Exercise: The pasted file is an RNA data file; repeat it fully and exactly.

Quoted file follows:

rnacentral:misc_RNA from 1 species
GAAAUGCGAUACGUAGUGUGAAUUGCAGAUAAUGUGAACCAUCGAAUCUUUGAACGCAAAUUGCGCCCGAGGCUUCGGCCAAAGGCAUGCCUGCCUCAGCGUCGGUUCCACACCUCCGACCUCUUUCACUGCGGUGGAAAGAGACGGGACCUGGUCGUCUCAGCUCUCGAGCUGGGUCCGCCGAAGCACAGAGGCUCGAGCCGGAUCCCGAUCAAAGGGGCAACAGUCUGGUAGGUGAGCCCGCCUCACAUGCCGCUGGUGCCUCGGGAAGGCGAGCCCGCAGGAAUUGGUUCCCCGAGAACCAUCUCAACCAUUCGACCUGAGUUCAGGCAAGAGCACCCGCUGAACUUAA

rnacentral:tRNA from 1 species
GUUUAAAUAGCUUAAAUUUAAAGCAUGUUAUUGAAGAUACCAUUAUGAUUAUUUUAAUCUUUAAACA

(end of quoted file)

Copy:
rnacentral:misc_RNA from 1 species
GAAAUGCGAUACGUAGUGUGAAUUGCAGAUAAUGUGAACCAUCGAAUCUUUGAACGCAAAUUGCGCCCGAGGCUUCGGCCAAAGGCAUGCCUGCCUCAGCGUCGGUUCCACACCUCCGACCUCUUUCACUGCGGUGGAAAGAGACGGGACCUGGUCGUCUCAGCUCUCGAGCUGGGUCCGCCGAAGCACAGAGGCUCGAGCCGGAUCCCGAUCAAAGGGGCAACAGUCUGGUAGGUGAGCCCGCCUCACAUGCCGCUGGUGCCUCGGGAAGGCGAGCCCGCAGGAAUUGGUUCCCCGAGAACCAUCUCAACCAUUCGACCUGAGUUCAGGCAAGAGCACCCGCUGAACUUAA

rnacentral:tRNA from 1 species
GUUUAAAUAGCUUAAAUUUAAAGCAUGUUAUUGAAGAUACCAUUAUGAUUAUUUUAAUCUUUAAACA